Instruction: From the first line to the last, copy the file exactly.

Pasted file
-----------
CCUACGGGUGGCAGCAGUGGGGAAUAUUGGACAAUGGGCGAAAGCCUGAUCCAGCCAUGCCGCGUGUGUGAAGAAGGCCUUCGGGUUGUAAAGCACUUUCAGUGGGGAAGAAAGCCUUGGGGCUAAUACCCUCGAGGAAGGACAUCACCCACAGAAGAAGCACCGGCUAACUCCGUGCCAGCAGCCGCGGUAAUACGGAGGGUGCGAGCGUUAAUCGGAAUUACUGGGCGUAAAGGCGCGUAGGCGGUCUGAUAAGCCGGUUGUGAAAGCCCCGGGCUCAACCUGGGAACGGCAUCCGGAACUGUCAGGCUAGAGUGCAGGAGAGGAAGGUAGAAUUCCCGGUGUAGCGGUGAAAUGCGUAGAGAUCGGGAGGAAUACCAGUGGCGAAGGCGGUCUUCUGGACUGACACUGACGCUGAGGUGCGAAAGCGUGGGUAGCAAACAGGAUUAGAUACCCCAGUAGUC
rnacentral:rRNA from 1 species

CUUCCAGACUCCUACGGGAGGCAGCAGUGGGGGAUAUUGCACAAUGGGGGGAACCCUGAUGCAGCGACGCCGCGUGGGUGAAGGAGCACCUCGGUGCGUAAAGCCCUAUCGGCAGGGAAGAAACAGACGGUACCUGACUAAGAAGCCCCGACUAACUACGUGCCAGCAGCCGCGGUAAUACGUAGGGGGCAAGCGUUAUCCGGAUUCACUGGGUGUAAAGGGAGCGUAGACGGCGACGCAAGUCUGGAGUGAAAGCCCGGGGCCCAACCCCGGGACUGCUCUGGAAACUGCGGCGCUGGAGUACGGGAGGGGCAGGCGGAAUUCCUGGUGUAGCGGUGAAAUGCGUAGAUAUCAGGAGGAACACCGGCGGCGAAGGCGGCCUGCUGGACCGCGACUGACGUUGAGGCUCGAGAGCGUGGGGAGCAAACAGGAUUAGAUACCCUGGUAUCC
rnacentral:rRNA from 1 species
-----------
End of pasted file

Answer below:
CCUACGGGUGGCAGCAGUGGGGAAUAUUGGACAAUGGGCGAAAGCCUGAUCCAGCCAUGCCGCGUGUGUGAAGAAGGCCUUCGGGUUGUAAAGCACUUUCAGUGGGGAAGAAAGCCUUGGGGCUAAUACCCUCGAGGAAGGACAUCACCCACAGAAGAAGCACCGGCUAACUCCGUGCCAGCAGCCGCGGUAAUACGGAGGGUGCGAGCGUUAAUCGGAAUUACUGGGCGUAAAGGCGCGUAGGCGGUCUGAUAAGCCGGUUGUGAAAGCCCCGGGCUCAACCUGGGAACGGCAUCCGGAACUGUCAGGCUAGAGUGCAGGAGAGGAAGGUAGAAUUCCCGGUGUAGCGGUGAAAUGCGUAGAGAUCGGGAGGAAUACCAGUGGCGAAGGCGGUCUUCUGGACUGACACUGACGCUGAGGUGCGAAAGCGUGGGUAGCAAACAGGAUUAGAUACCCCAGUAGUC
rnacentral:rRNA from 1 species

CUUCCAGACUCCUACGGGAGGCAGCAGUGGGGGAUAUUGCACAAUGGGGGGAACCCUGAUGCAGCGACGCCGCGUGGGUGAAGGAGCACCUCGGUGCGUAAAGCCCUAUCGGCAGGGAAGAAACAGACGGUACCUGACUAAGAAGCCCCGACUAACUACGUGCCAGCAGCCGCGGUAAUACGUAGGGGGCAAGCGUUAUCCGGAUUCACUGGGUGUAAAGGGAGCGUAGACGGCGACGCAAGUCUGGAGUGAAAGCCCGGGGCCCAACCCCGGGACUGCUCUGGAAACUGCGGCGCUGGAGUACGGGAGGGGCAGGCGGAAUUCCUGGUGUAGCGGUGAAAUGCGUAGAUAUCAGGAGGAACACCGGCGGCGAAGGCGGCCUGCUGGACCGCGACUGACGUUGAGGCUCGAGAGCGUGGGGAGCAAACAGGAUUAGAUACCCUGGUAUCC
rnacentral:rRNA from 1 species